If Cars Could Talk is a collection of short essays by an architect and urban designer who has been deeply committed to the livability of cities since he worked in Boston and New York under the last generation of idealistic mayors, and has spent the past three decades trying to redeem Los Angeles. It’s an unenviable task, for this sprawling metropolis lacks effective leadership, and its players and the institutions they represent are, in the main, parsimonious, philistine, and parochial. Happily, his bow-tied cheeriness has preserved his sanity, his projects have been widely realized (most recently in China), and he wages the fight for humane design with gusto. In these stimulating essays, he challenges the dominance of cars and plop developments while offering an alternative vision of a mobile city with abundant green space and an intelligent use of technology. In a better world, he’d be an ideal candidate for mayor of LA—but one doubts he would succumb to that delusion, having witnessed the fate of New York Mayor John Lindsay.

If Cars Could Talk: Essays on Urbanism
by William Fain
Balcony Press,  $35


BOOK REVIEW: The London Square

From street level, London can seem overpowering--a vast, crowded metropolis that crushes the human spirit--but from a viewing gallery it becomes a green city. Expansive parks, leafy squares, and lovingly cultivated back yards: a triumph of planting over building. The native love of gardening found full expression in residential squares that were planted and enclosed—in contrast to the paved civic squares of the continent. In Europe, plazas and piazzas began life as market places or as forecourts to the ruler’s palace; in London and a few provincial cities such as Bath and Edinburgh, it was a developer’s tool—a way of adding value to a new residential quarter. In The London Square: Gardens in the Midst of Town, Todd Longstaffe-Gowan, a British landscape designer, traces in scholarly (sometimes tedious) detail the evolution of the London square, from the Italianate ensemble of Covent Garden (which soon acquired a market and lost its cachet) to the flowering of the form in the Georgian era, and the steady erosion of these oases over the past century.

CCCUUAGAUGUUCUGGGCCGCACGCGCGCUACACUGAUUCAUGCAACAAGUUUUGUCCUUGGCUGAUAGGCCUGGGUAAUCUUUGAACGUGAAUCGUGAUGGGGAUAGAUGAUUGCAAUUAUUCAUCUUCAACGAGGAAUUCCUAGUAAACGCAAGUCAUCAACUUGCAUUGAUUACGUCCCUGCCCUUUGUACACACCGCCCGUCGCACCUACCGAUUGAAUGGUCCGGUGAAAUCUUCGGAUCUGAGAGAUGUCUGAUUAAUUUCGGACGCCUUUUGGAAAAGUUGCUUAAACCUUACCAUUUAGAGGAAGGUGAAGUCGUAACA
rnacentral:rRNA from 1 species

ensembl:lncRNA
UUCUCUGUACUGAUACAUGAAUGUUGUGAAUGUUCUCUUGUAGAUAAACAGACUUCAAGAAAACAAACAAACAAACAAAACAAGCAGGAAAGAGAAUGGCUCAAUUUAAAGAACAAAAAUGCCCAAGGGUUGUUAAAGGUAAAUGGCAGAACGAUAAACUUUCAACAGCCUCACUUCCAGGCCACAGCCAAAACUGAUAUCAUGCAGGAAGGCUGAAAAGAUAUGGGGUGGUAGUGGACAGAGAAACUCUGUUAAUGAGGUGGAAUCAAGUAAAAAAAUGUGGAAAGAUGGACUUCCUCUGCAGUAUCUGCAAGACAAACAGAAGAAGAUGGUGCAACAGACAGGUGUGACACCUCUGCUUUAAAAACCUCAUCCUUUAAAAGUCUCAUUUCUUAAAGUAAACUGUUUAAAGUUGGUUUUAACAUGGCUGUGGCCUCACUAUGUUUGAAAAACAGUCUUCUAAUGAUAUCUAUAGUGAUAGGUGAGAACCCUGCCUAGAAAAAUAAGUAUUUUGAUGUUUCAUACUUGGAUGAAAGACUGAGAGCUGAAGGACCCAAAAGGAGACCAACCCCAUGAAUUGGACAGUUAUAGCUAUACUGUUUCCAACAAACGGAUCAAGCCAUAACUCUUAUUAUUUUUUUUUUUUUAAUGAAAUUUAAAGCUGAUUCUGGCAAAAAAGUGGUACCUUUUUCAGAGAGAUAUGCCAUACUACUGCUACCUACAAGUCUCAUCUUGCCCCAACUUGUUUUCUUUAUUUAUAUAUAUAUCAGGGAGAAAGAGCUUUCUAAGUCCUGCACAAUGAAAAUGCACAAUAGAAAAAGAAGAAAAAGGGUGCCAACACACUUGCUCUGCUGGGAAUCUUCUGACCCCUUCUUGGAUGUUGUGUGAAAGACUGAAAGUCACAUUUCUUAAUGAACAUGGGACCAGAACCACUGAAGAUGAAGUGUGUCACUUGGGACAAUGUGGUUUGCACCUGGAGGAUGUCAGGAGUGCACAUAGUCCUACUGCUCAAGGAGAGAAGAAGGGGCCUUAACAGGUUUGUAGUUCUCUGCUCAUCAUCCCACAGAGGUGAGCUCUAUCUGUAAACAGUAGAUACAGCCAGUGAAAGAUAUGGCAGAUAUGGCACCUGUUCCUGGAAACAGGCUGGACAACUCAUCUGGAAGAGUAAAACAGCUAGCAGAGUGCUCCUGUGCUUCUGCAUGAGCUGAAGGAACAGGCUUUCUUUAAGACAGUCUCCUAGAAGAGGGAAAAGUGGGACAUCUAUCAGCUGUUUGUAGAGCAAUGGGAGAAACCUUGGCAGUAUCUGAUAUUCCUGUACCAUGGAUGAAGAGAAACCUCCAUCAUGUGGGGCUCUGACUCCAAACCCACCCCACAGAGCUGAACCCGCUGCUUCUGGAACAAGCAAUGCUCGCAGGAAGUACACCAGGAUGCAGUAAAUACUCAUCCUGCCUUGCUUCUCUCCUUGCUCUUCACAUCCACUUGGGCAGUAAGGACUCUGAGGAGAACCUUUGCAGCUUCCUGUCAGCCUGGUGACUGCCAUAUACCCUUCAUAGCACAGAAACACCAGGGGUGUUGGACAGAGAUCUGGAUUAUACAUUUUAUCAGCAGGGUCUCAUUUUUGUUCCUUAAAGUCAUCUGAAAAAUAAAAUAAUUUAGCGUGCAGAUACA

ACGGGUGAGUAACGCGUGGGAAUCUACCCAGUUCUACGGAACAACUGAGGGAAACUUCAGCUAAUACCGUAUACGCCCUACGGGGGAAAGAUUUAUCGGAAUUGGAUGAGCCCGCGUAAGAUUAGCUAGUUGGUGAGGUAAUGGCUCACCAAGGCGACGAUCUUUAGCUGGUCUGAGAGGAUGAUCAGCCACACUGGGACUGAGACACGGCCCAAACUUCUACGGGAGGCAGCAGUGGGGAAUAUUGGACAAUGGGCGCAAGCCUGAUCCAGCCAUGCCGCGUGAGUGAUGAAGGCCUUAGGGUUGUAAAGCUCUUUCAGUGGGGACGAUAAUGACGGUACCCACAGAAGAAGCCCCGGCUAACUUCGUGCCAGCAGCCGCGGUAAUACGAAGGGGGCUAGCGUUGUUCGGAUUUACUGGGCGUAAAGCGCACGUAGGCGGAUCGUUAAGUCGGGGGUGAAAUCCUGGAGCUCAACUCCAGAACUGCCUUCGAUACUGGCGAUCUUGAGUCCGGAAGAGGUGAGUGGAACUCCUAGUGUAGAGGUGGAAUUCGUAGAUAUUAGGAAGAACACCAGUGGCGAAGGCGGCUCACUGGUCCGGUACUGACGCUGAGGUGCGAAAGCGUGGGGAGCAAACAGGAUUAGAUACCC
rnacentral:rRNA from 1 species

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The John Entenza House, renovated by Michael Folonis, FAIA
Too few potential clients have experienced the pleasure of living in a well-designed modern house—which is why so many cling to familiar historicist styles. The Case Study House Program was intended to create models for rational living and win over the uncommitted, but tract home builders offered the illusion of a customized product at a competitive price, easy financing and instant acceptance. Over the past 20 years, AIA/LA has showcased the latest work of its members in a succession of self-guided house tours and now it has added a new attraction: a monthly, architect-guided tour to an updated modern classic. These tours should demonstrate that good design is timeless, no matter how confined the space, and show how the frugality of the Great Depression and the post-war era can be subtly enriched to accommodate contemporary cravings.